I probably would not, but if I did, and I was going to develop, anything like that would be removed and blocked off.

    I looked at a place recently where neighbor must have asked to do this, the pipe was just dumping water onto front yard from next door - nice, they had no real reason to do this apart from not wanting to dump it onto own land/yard. Could I really be bothered with an IP that is going to mean a likely fight with new neighbor over waste water....

    Their water, their problem really.
     
  19. beachgurl

    beachgurl Well-Known Member

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    Like the others have said, get some advice on any adverse impact on your proposed townhouses.

    The access I'm obtaining is next to the existing sewer running along their back fences, so they would not be able to build up to that point anyway. And yes, they will both be compensated.
     
  20. Geelong Cable Locations

    Geelong Cable Locations Member

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    If it is just a single stormwater pipe coming off one downpipe and is just being discharged to the kerb and channel then I'd say no, because it will be too small for you to use in the future, and it will just cause more of a hassle for you down the track.

    If they are willing to compensate you then it may be worth considering.

    I wouldn't go a ridiculous amount because that is just silly. I'd create a speadsheet and work out all the cost that you may be up for in the future when you develop your property, such as architects, engineers, surveyors builders and so forth, then work out their hourly rate is and how much of there time will have to be devoted to dealing with this pipe down the track. I'd then add on an extra percentage to cover yourself for anything you haven't thought about, then add on inflation per year till you get to the year that you think you will be doing your development.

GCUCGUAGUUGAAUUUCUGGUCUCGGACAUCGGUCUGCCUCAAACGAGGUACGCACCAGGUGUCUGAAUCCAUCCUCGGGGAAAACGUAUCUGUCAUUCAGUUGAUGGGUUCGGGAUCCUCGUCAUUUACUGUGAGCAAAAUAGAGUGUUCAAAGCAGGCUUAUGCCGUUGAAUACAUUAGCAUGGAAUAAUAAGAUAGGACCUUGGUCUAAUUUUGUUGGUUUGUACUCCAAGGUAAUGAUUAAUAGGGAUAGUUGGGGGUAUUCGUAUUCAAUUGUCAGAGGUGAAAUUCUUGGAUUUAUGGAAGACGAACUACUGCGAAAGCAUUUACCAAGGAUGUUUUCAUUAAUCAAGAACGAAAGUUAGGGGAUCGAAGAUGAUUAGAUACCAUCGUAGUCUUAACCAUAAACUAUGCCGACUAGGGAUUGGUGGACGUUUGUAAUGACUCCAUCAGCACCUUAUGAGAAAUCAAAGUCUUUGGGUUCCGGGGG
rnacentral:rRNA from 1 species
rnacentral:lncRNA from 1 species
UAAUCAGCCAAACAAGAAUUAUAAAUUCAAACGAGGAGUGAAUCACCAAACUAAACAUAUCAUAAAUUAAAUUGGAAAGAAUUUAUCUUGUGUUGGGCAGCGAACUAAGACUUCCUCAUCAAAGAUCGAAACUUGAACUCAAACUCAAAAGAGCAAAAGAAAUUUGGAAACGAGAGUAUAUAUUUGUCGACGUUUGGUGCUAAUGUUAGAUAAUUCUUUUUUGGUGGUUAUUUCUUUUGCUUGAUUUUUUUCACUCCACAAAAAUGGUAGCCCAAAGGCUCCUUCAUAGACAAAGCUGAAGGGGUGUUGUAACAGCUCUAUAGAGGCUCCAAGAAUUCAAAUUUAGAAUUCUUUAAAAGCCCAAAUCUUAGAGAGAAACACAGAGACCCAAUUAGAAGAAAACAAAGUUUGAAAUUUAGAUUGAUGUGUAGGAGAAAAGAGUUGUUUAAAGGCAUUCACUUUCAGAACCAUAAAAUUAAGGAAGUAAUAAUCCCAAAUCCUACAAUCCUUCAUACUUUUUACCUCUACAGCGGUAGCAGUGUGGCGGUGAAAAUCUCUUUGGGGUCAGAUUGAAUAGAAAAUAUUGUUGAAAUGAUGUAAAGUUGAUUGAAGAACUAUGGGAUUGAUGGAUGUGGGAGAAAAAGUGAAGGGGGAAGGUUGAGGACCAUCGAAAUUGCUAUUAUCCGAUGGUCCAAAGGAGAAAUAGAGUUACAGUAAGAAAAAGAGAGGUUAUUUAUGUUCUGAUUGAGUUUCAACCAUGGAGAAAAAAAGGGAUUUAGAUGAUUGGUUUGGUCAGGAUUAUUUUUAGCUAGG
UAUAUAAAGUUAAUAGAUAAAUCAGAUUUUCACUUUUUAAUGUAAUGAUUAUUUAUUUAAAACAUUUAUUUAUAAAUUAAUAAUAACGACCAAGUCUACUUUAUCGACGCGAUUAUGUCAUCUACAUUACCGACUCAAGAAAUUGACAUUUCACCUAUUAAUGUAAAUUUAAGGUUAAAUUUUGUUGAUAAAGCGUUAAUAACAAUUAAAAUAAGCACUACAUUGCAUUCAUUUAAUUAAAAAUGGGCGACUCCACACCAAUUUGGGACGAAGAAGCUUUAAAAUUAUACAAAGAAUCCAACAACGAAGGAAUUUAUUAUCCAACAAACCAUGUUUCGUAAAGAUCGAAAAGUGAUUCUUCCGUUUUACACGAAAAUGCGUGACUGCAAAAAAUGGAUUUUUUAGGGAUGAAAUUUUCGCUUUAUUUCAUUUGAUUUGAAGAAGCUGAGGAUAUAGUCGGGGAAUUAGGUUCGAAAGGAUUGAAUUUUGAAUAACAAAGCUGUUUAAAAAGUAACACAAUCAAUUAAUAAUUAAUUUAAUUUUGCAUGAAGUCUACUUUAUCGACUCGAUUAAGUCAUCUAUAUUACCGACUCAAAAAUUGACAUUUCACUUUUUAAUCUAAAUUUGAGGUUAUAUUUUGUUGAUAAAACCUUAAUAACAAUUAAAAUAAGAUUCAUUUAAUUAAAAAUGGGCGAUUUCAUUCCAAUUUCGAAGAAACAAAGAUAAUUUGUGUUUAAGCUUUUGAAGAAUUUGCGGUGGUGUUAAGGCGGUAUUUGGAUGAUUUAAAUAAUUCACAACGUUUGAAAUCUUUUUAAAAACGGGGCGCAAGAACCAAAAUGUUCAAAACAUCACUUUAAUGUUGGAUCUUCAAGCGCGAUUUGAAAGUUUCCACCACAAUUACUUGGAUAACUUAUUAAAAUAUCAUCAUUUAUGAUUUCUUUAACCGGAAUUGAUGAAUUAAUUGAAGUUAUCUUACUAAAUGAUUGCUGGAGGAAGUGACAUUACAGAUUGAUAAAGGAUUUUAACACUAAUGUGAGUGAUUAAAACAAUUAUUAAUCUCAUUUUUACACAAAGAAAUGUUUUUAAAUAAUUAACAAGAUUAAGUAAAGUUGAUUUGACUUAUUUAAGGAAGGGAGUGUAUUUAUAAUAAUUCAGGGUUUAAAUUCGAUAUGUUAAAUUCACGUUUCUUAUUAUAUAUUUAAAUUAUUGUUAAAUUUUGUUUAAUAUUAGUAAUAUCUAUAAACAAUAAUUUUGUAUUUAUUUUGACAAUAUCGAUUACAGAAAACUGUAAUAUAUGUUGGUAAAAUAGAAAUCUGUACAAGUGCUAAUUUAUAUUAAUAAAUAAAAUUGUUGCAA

I'd then present the neighbour with the full costings explaining how you came up with it, and then your figure of what you feel will be a fair and reasonable amount of compensation.

    I'd also do your own research and work out roughly what it would cost them to put the pipe in there own property. This way when you do go to them you will already know what the cost should be to them if they did it themselves compared to if they compensate you and you will atleast have a fair idea which way they will go.

    Actually I'd even do this second estimate first, work out what the cost will be to them to do it without going in your property, this way if it isn't that much then there is no point spending too much time on the other costings as you will already know your answer.

    Whatever you do, do try and keep them onside, when it comes to you putting in a permit to build and when you start the actual works, you don't want to have a neighbour that is pissed off with you for something that happened 10 years earlier.